The most seductive time for my photography in the Tamani Desert was just as the sun dipped below the horizon. The magic hour. Except that the hour was more like 15 -20 minutes:
It was a world of gentle and subtle pastel colours. Even more so than just after dawn. I confess that I had the colour palette of Albert Namatjira in mind when I was photographing at twilight. His water colour landscapes of the desert country around Hermannsburg (Ntaria), particularly the Arrernte lands around the Western MacDonnell Ranges, were delicately coloured. His watercolours of ghost gums, desert flowers and rocky outcrops of the MacDonnell Ranges were often seen as both derivative ( he used an existing white man’s art form) and pretty in a chocolate-box kind of way. They were viewed as ultimately vacuous.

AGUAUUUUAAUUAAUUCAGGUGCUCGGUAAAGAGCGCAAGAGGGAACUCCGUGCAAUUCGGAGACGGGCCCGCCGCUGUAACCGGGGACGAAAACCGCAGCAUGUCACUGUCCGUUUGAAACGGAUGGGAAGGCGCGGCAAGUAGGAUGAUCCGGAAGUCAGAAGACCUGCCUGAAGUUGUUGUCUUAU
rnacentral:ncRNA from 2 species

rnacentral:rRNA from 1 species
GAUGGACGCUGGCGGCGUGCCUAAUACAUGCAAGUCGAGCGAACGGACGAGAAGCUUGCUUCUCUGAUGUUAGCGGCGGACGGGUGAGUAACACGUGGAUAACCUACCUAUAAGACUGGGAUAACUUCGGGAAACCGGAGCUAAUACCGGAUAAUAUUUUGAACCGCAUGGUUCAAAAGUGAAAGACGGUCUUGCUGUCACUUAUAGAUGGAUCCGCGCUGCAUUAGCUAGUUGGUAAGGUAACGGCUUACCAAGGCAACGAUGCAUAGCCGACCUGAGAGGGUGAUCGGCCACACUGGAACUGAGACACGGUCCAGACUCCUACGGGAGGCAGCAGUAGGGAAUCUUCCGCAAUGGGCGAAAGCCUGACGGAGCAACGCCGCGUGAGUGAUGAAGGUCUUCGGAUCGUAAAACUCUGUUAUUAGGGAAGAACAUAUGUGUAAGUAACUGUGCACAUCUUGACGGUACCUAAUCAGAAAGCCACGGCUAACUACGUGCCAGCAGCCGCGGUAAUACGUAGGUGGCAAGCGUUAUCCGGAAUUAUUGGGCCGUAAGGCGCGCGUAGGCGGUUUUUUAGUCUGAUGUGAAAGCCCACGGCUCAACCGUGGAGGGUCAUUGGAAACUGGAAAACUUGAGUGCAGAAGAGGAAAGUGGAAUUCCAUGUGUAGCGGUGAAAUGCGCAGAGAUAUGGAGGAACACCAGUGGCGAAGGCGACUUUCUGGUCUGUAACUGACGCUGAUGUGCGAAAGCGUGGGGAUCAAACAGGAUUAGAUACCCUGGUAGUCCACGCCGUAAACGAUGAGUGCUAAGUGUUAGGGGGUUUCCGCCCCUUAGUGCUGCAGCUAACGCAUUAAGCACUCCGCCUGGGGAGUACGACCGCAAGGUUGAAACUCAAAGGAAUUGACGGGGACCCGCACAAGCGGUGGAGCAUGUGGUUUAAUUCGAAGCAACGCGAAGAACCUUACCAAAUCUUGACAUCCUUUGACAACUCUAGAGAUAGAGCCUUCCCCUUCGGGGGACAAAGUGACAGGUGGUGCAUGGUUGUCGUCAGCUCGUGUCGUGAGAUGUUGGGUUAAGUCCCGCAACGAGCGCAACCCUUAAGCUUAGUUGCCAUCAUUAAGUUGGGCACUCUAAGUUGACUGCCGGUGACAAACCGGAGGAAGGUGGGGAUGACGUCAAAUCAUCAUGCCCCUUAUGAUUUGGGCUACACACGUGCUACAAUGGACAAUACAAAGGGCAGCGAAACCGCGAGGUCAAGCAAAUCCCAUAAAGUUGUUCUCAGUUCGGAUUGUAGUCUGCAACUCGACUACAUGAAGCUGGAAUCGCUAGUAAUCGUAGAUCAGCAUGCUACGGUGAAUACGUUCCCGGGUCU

There was less subtlety in the colours in the early morning light just after sunrise:
Prior to sunrise there wasn’t enough light for me to photograph the landscape hand holding the camera. Though I had bought a baby Linhof tripod with me I didn’t use it with the digital camera.
I was using colour as digital data rather than film, I wanted to avoid the saturated colour palette of tourist aesthetic that is currently so popular in contemporary digital photography, where bold colors are often used as a way of supplementing the removal of other design elements. “Pop” is what they are after.
In contrast Namatjira was intrigued by the interaction of light on solid forms and he represented the elusive qualities of light and its engagement with the land. Often Namatjira, just like a landscape photographer returned day after day at the same hour to paint in front of a chosen subject”, often revisiting an image to produce subtle variations.